Copper thieves use stormy weather to their advantage
HOUSTON (KTRK) -- Tuesday night's storms caused power outages across the area, but Mother Nature was not to blame for one community's power outage.
When residents in Cleveland spent the night without power, they thought it was because of the bad weather. But on Wednesday, authorities determined it's criminals who are to blame for the outage. They say thieves hit a power station in Liberty County looking for copper.
Two-thousand homes homes in Cleveland lost power Wednesday morning. The Taffs' house was among them.
"Around noon, I finally called and it popped on and then popped back off and came back by 1 o'clock-ish," homeowner Julie Taff said.
Their house is next to the Sam Houston Coop Electrical Distribution Station, which took a direct hit from the lightning. But that's not what caused the power disruption. Instead, it was copper thieves.
"With the ground wires being gone, there was no way for the electrical charge to be grounded and that's what threw the system offline," said Capt. Ken Defoor with the Liberty County Sheriff's Office.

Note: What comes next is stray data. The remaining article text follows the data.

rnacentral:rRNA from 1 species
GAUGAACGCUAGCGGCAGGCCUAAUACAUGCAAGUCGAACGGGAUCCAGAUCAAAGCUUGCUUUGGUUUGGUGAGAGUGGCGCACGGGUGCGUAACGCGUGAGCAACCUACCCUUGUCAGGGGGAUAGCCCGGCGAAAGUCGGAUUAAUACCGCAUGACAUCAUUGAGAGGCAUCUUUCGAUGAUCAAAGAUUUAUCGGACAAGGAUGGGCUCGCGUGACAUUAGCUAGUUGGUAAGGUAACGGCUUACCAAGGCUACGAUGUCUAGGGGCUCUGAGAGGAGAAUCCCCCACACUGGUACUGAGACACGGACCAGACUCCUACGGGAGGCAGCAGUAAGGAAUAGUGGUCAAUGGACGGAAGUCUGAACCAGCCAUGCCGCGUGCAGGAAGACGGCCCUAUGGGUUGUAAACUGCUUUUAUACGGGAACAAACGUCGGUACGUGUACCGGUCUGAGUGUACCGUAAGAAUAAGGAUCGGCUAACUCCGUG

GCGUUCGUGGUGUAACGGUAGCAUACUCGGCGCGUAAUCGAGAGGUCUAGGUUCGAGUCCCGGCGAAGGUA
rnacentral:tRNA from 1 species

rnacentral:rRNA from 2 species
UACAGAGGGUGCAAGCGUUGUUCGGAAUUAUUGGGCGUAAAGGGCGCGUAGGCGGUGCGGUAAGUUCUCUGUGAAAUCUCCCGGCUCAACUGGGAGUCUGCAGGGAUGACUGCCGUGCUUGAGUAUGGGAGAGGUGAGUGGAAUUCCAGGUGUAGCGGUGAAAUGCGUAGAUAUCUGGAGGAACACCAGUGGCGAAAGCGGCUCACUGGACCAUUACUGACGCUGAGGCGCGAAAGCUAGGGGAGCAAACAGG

They took 200 pounds of copper ground wire, plus wire to a transformer that was down because of the lightning hit. That leads the sheriff's office to suspect the thieves planned the crime to coincide with the weather.
"The possibility that they thought no one would be out and about to see them, and it would be the perfect opportunity to do something like that," Defoor said.
A portable generator brought the power system up on Wednesday and restored electricity to the Taffs' house and other customers in the Cleveland area.
For them, copper thefts are hitting far too close to home.
"That kind of blows my mind, but I think that kinda tells you the state of the economy right now. People are desperate," homeowner Norris Taff said.
Officials estimate the losses from theft amount to about $10,000.
The Sam Houston Coop Electrical Distribution Station is offering a reward of $3,000 for information that leads to an arrest.
cleveland, local, deborah wrigley
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